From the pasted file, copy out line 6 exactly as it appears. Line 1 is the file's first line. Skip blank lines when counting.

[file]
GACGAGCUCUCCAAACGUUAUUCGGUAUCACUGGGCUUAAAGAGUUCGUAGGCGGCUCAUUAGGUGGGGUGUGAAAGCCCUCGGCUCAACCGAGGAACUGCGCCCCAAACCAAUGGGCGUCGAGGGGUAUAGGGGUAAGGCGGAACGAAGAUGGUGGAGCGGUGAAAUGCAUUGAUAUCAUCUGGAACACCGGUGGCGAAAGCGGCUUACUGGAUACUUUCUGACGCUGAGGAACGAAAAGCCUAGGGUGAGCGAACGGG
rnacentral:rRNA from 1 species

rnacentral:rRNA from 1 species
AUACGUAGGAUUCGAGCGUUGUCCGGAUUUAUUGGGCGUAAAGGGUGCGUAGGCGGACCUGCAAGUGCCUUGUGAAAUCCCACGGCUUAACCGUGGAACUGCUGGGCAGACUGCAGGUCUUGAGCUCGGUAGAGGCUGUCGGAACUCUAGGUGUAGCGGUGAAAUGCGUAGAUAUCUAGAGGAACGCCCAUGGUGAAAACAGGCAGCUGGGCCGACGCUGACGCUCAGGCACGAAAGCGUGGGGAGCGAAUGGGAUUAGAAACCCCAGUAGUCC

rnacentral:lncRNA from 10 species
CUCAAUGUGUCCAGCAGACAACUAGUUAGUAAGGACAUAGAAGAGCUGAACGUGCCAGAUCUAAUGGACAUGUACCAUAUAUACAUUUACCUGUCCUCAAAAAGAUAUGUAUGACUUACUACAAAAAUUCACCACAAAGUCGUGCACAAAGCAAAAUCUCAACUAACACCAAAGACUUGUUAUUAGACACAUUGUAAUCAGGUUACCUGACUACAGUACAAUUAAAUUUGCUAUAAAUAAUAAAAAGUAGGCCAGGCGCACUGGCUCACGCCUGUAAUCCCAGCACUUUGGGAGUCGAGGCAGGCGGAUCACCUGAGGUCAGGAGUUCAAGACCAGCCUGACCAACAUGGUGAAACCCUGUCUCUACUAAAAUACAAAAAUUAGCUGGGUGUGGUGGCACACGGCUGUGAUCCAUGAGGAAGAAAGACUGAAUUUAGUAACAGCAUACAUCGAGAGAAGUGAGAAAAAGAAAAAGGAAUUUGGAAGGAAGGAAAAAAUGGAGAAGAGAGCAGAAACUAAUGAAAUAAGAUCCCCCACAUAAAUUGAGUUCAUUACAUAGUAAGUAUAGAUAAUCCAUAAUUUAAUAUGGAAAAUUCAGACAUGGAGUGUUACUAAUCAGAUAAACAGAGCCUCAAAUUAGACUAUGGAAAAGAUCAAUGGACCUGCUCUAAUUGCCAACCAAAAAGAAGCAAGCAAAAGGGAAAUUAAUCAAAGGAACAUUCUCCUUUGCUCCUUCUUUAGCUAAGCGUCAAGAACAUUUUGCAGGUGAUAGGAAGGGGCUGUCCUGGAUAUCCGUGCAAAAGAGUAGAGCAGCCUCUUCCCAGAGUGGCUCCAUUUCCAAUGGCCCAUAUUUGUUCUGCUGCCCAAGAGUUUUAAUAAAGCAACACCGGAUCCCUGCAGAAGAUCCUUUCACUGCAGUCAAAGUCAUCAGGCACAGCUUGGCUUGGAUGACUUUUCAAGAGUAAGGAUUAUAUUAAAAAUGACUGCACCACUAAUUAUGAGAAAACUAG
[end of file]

CUCAAUGUGUCCAGCAGACAACUAGUUAGUAAGGACAUAGAAGAGCUGAACGUGCCAGAUCUAAUGGACAUGUACCAUAUAUACAUUUACCUGUCCUCAAAAAGAUAUGUAUGACUUACUACAAAAAUUCACCACAAAGUCGUGCACAAAGCAAAAUCUCAACUAACACCAAAGACUUGUUAUUAGACACAUUGUAAUCAGGUUACCUGACUACAGUACAAUUAAAUUUGCUAUAAAUAAUAAAAAGUAGGCCAGGCGCACUGGCUCACGCCUGUAAUCCCAGCACUUUGGGAGUCGAGGCAGGCGGAUCACCUGAGGUCAGGAGUUCAAGACCAGCCUGACCAACAUGGUGAAACCCUGUCUCUACUAAAAUACAAAAAUUAGCUGGGUGUGGUGGCACACGGCUGUGAUCCAUGAGGAAGAAAGACUGAAUUUAGUAACAGCAUACAUCGAGAGAAGUGAGAAAAAGAAAAAGGAAUUUGGAAGGAAGGAAAAAAUGGAGAAGAGAGCAGAAACUAAUGAAAUAAGAUCCCCCACAUAAAUUGAGUUCAUUACAUAGUAAGUAUAGAUAAUCCAUAAUUUAAUAUGGAAAAUUCAGACAUGGAGUGUUACUAAUCAGAUAAACAGAGCCUCAAAUUAGACUAUGGAAAAGAUCAAUGGACCUGCUCUAAUUGCCAACCAAAAAGAAGCAAGCAAAAGGGAAAUUAAUCAAAGGAACAUUCUCCUUUGCUCCUUCUUUAGCUAAGCGUCAAGAACAUUUUGCAGGUGAUAGGAAGGGGCUGUCCUGGAUAUCCGUGCAAAAGAGUAGAGCAGCCUCUUCCCAGAGUGGCUCCAUUUCCAAUGGCCCAUAUUUGUUCUGCUGCCCAAGAGUUUUAAUAAAGCAACACCGGAUCCCUGCAGAAGAUCCUUUCACUGCAGUCAAAGUCAUCAGGCACAGCUUGGCUUGGAUGACUUUUCAAGAGUAAGGAUUAUAUUAAAAAUGACUGCACCACUAAUUAUGAGAAAACUAG